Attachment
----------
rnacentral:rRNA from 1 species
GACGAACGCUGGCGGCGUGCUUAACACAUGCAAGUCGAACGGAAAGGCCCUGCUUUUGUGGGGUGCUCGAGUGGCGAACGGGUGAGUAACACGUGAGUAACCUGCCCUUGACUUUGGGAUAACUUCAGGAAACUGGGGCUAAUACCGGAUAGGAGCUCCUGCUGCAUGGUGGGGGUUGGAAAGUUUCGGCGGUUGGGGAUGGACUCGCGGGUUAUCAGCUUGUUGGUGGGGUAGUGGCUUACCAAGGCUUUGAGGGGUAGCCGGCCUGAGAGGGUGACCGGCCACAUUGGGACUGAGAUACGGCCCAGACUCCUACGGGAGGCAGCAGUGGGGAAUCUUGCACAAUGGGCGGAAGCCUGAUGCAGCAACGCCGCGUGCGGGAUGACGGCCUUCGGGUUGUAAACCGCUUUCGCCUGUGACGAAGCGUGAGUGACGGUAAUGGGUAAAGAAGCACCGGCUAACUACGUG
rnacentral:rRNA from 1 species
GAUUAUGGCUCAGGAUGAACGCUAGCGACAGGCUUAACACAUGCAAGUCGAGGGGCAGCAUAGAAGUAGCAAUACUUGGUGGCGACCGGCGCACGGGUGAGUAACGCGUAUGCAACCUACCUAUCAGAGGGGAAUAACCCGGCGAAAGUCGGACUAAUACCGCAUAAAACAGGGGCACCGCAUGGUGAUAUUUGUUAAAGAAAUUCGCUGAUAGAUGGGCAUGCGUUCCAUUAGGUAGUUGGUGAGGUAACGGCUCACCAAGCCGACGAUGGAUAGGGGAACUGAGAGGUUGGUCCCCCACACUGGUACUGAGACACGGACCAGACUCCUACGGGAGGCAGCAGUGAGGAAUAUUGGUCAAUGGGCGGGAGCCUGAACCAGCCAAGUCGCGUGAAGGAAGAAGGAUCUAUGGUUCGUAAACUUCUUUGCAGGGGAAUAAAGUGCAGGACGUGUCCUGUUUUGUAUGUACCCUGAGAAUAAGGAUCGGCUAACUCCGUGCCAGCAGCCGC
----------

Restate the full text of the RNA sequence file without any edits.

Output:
rnacentral:rRNA from 1 species
GACGAACGCUGGCGGCGUGCUUAACACAUGCAAGUCGAACGGAAAGGCCCUGCUUUUGUGGGGUGCUCGAGUGGCGAACGGGUGAGUAACACGUGAGUAACCUGCCCUUGACUUUGGGAUAACUUCAGGAAACUGGGGCUAAUACCGGAUAGGAGCUCCUGCUGCAUGGUGGGGGUUGGAAAGUUUCGGCGGUUGGGGAUGGACUCGCGGGUUAUCAGCUUGUUGGUGGGGUAGUGGCUUACCAAGGCUUUGAGGGGUAGCCGGCCUGAGAGGGUGACCGGCCACAUUGGGACUGAGAUACGGCCCAGACUCCUACGGGAGGCAGCAGUGGGGAAUCUUGCACAAUGGGCGGAAGCCUGAUGCAGCAACGCCGCGUGCGGGAUGACGGCCUUCGGGUUGUAAACCGCUUUCGCCUGUGACGAAGCGUGAGUGACGGUAAUGGGUAAAGAAGCACCGGCUAACUACGUG
rnacentral:rRNA from 1 species
GAUUAUGGCUCAGGAUGAACGCUAGCGACAGGCUUAACACAUGCAAGUCGAGGGGCAGCAUAGAAGUAGCAAUACUUGGUGGCGACCGGCGCACGGGUGAGUAACGCGUAUGCAACCUACCUAUCAGAGGGGAAUAACCCGGCGAAAGUCGGACUAAUACCGCAUAAAACAGGGGCACCGCAUGGUGAUAUUUGUUAAAGAAAUUCGCUGAUAGAUGGGCAUGCGUUCCAUUAGGUAGUUGGUGAGGUAACGGCUCACCAAGCCGACGAUGGAUAGGGGAACUGAGAGGUUGGUCCCCCACACUGGUACUGAGACACGGACCAGACUCCUACGGGAGGCAGCAGUGAGGAAUAUUGGUCAAUGGGCGGGAGCCUGAACCAGCCAAGUCGCGUGAAGGAAGAAGGAUCUAUGGUUCGUAAACUUCUUUGCAGGGGAAUAAAGUGCAGGACGUGUCCUGUUUUGUAUGUACCCUGAGAAUAAGGAUCGGCUAACUCCGUGCCAGCAGCCGC